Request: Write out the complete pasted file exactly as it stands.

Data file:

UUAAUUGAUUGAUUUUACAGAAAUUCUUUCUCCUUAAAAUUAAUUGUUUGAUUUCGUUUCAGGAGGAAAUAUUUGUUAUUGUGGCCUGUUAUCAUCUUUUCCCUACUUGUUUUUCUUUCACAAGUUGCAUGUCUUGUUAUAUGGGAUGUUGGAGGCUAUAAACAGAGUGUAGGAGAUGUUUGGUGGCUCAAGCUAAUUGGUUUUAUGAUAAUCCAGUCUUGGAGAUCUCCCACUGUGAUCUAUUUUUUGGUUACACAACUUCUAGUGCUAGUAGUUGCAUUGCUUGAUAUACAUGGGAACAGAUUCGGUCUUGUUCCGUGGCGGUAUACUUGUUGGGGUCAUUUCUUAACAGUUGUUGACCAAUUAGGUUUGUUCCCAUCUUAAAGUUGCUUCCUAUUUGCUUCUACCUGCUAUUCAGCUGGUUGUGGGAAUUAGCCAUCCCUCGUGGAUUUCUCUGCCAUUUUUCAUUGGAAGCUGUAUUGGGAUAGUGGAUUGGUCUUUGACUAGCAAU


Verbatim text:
UUAAUUGAUUGAUUUUACAGAAAUUCUUUCUCCUUAAAAUUAAUUGUUUGAUUUCGUUUCAGGAGGAAAUAUUUGUUAUUGUGGCCUGUUAUCAUCUUUUCCCUACUUGUUUUUCUUUCACAAGUUGCAUGUCUUGUUAUAUGGGAUGUUGGAGGCUAUAAACAGAGUGUAGGAGAUGUUUGGUGGCUCAAGCUAAUUGGUUUUAUGAUAAUCCAGUCUUGGAGAUCUCCCACUGUGAUCUAUUUUUUGGUUACACAACUUCUAGUGCUAGUAGUUGCAUUGCUUGAUAUACAUGGGAACAGAUUCGGUCUUGUUCCGUGGCGGUAUACUUGUUGGGGUCAUUUCUUAACAGUUGUUGACCAAUUAGGUUUGUUCCCAUCUUAAAGUUGCUUCCUAUUUGCUUCUACCUGCUAUUCAGCUGGUUGUGGGAAUUAGCCAUCCCUCGUGGAUUUCUCUGCCAUUUUUCAUUGGAAGCUGUAUUGGGAUAGUGGAUUGGUCUUUGACUAGCAAU